Ketchum's Lyle is Going for the Old

Adrienne Lyle Olympics 2012

Ketchum’s Adrienne Lyle, here aboard her horse Wizard at the U.S. dressage team headquarters at Layham Hall in Hadleigh, England, will compete in individual dressage at the Summer Olympics. A virtual unknown in the sport just three years ago, the 27-year-old Lyle is front-and-center over an infusion of youth in the sport.

In a sport dominated by athletes often twice her age, Adrienne Lyle is a young buck in that 'other' animal sport

When it comes to sports and animals of the four-legged variety, the first sport that comes to mind in these parts is rodeo, with its cowboy hats, boots, belt buckles and bodacious bovines.

On the other end of the spectrum are your elegant equines found in equestrian, with its nattily attired riders dressed in their gloves, breeches and riding coats.

The latter is where Ketchum’s Adrienne Lyle fits in.

Equestrian is also taking her to a venue where rodeo isn’t to be found, namely, the Summer Olympics in London.

“It took a while to sink in and it seemed all surreal at first with the excitement and commotion,” Lyle said from Hadleigh, about two hours north of London, where she arrived on July 13 and will be competing in dressage. “Then there was a little bit of a lull … but now that we’re over here with the whole dressage team, it’s starting to build excitement.”

Like any other sport, equestrian has its Olympic trials and Lyle, riding Wizard, a 13-year Oldenberg gelding, qualified June 16 in Gladsboro, N.J., along with dressage team members Steffen Peters, Tina Konyot and Jan Ebeling.

The latter will carry some interest to fans of the political arena as Ebeling will be riding Rafalca, who is owned by Ann Romney, wife of presidential candidate Mitt Romney.

Dressage is one of three disciplines within equestrian, the others being eventing and jumping. Along with sailing, it is the only Olympic sport in which men and women compete directly against each other, although tennis and badminton have mixed doubles events.

Lyle is “trying to get a little bit of sight-seeing in when we can” before the Games officially begin with the opening ceremonies on July 27.

“That’s one of the things I’m most excited about,” Lyle said. “That’s going to be amazing.”

And while a swimmer needs to maintain one’s endurance, or a basketball team needs to establish chemistry, preparation in equestrian is fundamentally different than any other sport.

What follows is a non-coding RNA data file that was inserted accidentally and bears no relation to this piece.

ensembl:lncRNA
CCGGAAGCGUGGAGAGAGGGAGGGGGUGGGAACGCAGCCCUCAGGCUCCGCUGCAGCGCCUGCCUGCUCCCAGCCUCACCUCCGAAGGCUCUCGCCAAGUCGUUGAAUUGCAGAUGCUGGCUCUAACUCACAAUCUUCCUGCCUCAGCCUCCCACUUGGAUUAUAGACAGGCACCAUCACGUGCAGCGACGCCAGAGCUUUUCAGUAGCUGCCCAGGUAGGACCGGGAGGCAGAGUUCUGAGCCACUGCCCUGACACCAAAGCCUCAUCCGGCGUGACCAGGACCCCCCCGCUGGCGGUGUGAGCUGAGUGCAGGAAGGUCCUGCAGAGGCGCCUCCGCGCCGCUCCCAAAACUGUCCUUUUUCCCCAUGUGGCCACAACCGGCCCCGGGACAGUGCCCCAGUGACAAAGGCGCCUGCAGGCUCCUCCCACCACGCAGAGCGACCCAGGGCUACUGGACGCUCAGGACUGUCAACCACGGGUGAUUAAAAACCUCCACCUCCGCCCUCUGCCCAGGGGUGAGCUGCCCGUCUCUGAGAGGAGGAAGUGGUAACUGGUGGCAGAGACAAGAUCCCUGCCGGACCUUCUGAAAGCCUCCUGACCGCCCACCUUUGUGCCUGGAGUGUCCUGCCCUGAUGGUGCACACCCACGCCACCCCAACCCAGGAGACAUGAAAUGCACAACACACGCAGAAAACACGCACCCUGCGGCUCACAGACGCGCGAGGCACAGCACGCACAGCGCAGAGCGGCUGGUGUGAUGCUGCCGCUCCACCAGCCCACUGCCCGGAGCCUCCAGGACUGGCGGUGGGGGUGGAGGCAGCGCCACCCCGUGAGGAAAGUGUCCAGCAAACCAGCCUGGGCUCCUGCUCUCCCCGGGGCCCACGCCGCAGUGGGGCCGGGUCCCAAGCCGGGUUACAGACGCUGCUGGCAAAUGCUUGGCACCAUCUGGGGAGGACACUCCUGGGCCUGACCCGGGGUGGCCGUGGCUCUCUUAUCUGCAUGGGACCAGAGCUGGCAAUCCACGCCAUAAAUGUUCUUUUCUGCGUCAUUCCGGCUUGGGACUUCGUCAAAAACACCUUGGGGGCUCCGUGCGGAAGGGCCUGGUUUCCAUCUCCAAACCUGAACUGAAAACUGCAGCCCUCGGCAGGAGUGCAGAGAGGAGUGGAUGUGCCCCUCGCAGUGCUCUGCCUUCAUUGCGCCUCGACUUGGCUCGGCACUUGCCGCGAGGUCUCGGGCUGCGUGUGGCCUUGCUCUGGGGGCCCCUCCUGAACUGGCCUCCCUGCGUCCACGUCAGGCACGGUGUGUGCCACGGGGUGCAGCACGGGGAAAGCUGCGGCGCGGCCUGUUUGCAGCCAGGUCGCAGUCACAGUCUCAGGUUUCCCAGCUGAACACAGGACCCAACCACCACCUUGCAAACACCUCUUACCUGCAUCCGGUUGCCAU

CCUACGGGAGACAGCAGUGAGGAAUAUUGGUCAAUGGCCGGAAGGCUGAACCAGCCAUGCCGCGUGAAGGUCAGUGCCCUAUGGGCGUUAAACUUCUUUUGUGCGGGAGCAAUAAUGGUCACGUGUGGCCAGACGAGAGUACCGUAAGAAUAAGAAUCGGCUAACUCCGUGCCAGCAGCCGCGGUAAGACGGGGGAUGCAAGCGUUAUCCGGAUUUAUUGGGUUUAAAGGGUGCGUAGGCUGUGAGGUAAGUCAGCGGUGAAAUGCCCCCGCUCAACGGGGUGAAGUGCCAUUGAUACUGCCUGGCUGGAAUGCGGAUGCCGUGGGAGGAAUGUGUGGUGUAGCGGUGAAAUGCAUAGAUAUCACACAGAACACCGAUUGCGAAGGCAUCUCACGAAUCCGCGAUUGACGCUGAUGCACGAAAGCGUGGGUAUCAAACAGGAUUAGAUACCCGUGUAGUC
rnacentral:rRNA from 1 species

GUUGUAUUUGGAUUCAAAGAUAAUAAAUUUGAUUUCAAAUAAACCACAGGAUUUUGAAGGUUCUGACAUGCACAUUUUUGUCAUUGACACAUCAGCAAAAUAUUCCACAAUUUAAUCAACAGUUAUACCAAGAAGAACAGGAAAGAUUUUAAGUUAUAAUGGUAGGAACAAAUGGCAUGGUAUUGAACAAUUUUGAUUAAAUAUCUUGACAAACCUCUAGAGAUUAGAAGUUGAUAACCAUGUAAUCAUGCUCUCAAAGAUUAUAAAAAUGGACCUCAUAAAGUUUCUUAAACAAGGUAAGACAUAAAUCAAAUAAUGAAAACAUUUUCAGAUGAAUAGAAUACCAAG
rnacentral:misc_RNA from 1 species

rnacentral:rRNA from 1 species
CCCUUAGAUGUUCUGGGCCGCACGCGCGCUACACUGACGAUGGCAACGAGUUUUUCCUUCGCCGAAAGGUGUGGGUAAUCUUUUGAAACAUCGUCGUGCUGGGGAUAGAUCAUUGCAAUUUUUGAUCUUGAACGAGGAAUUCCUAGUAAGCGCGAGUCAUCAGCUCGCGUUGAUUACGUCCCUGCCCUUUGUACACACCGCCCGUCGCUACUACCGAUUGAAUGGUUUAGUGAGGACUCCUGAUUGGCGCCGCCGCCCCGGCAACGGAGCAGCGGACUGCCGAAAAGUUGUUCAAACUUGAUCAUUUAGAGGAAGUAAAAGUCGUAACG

“The thing about our sport is we have a live animal we’re caring for,” Lyle said. “That has to be attended to around the clock, so that kind of keeps your attention where it needs to be.”

Lyle’s day begins with a short bike ride to the barn every morning at about 7:30, with meetings and training designed to get the riders and horses ready for their tests — the equestrian term for a game in team sports.

After breaking for lunch, the riders will go over video of the morning sessions and take the horses out to walk or graze in the afternoon. After dinner, the team will go back to the barn for a last check on their horses before calling it a day.

Lyle’s mentor in the sport is Debbie McDonald, who won bronze at the 2004 Games in Athens in team dressage. Now living in Hailey, McDonald was selected in 2010 as the U.S. Equestrian Federation’s Developing Dressage coach, a role in which she identifies and develops emerging talent in the sport.

Although she has been on the road for about the last nine months chasing her spot in the world rankings and a spot on the Olympic team, Lyle typically spends about nine months out of the year training in Hailey, under McDonald’s watch at River Grove Farm. The farm is owned by Parry Thomas of Las Vegas banking fame — college basketball fans recognize him as the Thomas in UNLV’s Thomas and Mack Center — and his wife, Peggy, owns Wizard.

“She’s invaluable,” Lyle said of McDonald. “Not only in the training of the horse, but with everything else that goes along with the Olympics. She’s been a wealth of information.”

Can Lyle come back home with a medal? Individual dressage has been dominated in recent Olympiads by Germany and the Netherlands, with the last American to medal coming in 1932. Although the U.S. is second all-time to Germany in equestrian medals, most of those have come in eventing and jumping.

At 27, yet competing in a sport where it is not uncommon to find participants twice her age, Lyle is the young pup on the U.S. team and future Olympic trips could be in the cards. But for her first Games, Lyle’s goals are modest.

“My personal goal is to qualify for the second round and ride twice at the Olympics,” Lyle said.

That would mean being qualifying for the Grand Prix special event, held Aug. 7, which is when team medals will be earned. Lyle is guaranteed to ride once, on either Aug. 2 or 3, along with her U.S. team members, but she is riding in effect as an individual and is not listed on the three-deep team to earn medals.

The top seven teams, and any individuals in the top 11 not attached to a qualifying team, advance to the special. The top 18 scores in the special advance to the freestyle round on Aug. 9, which is where individual medals are earned.

From News Article Times-News